Artist of the Month: Hanna Carney

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Artist of the Month: Hanna Carney

Hanna Carney, a senior at CRLS, has been involved in the arts from a young age.

Hanna Carney, a senior at CRLS, has been involved in the arts from a young age.

Bruno Munoz-Oropeza

Hanna Carney, a senior at CRLS, has been involved in the arts from a young age.

Bruno Munoz-Oropeza

Bruno Munoz-Oropeza

Hanna Carney, a senior at CRLS, has been involved in the arts from a young age.

Luca Johnson, Contributing Writer

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At CRLS, it is well known that senior Hanna Carney is a powerhouse. Carney has been involved in the arts since a young age, devoting herself to a wide variety of musical and artistic activities. She credits the North Cambridge Family Opera, which she participated in for much of her childhood, for launching her into the world of singing.

While many students are burnt out by their senior year of high school, for Carney, the year has turned out to be her most ambitious one yet. In fact, it almost seems like anywhere you go, you see Hanna Carney performing. In school, she danced and choreographed for Modern Dance Company. She was the vocalist for World Jazz Ensemble and Big Band, and a co-leader of Sassafras, one of the CRLS a cappella groups.

Around Cambridge, she played Princess Leia in the North Cambridge Family Opera’s production of Space Opera, and is performing an original song with her Jazz Workshop class at the Lilypad in Inman Square in June. She has even moved outside of Cambridge to Boston as a student in the City Music High School Academy program at the Berklee College of Music, not to mention that she is the head of the CRLS a cappella program and associate producer of a CD World Jazz Ensemble is putting together.

This incredible devotion to the arts did not come without sacrifice, though. “To do all of [this], I’ve had to sacrifice spending time with my friends,” Carney reflected. Looking back, Carney sees her inability to see her friends as one of her “biggest regrets in high school.” Carney also often struggles to find time to eat lunch. “I’m either doing homework that I won’t have the time for later or working on arranging, practicing, or scheduling arts stuff,” she said.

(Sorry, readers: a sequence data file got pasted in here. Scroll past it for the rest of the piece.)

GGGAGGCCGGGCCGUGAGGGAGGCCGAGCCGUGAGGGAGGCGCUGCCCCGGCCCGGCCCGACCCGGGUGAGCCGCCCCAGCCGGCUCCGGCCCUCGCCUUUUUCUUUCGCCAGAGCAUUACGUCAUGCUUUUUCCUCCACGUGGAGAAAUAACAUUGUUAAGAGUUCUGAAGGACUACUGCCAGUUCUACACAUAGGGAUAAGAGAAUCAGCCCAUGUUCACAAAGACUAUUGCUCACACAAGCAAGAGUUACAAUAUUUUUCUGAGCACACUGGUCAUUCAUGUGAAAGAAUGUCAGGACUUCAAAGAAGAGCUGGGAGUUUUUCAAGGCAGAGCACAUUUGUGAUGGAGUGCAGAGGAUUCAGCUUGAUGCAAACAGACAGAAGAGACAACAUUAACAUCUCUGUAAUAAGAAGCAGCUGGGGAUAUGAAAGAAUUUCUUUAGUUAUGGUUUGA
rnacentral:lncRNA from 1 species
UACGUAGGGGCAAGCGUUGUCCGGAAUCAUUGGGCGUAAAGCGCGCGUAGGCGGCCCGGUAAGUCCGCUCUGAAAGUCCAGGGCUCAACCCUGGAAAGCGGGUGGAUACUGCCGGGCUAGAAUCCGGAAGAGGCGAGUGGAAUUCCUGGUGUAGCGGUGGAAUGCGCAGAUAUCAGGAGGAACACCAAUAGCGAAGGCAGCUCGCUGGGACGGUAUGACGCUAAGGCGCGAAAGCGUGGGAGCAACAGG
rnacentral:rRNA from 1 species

It took Carney a while to feel like a “true musician,” despite singing from a young age. “There was so much I didn’t know [before high school] … now, I’m at the point where I can not only understand what instrumentalists are saying, but I can also communicate what I want them to do,” she said.

This year, Carney has proven herself to be not just a musician, but also a performance organizer. For her final show with Sassafras, Carney enlisted members of the CRLS step team to perform a step routine alongside her group during their first song. She drew inspiration from her experience in jazz to teach her group about mic and vocal technique, and her experience in Modern Dance Company to orchestrate the lighting and choreography for the show. She sang the song with the strength, vocal agility, and brightness of … well … of Hanna Carney.

After the song finished, the crowd rose to their feet to give her a standing ovation. Looking back, Carney says, “I’m not going to lie, I almost blacked out after that first song.” After she left the stage, Carney described feeling “so proud of the girls and exhausted and grateful.”

As for the future, Carney hopes to release an original extended play album over the summer and continue to learn to play upright bass. In college, she wants to be involved in bands and ensembles and hopes to have a little more time to focus on dance and sculpture. Carney feels deeply connected to CRLS and grateful for the opportunities that it has provided. “The arts basement at CRLS has been so good to me. I can’t express how grateful I am for all the friends and faculty with whom I’ve shared these four years,” she says. “I can’t wait to come back to see all that’s created in the future.”

 

This piece also appears in our May 2019 print edition.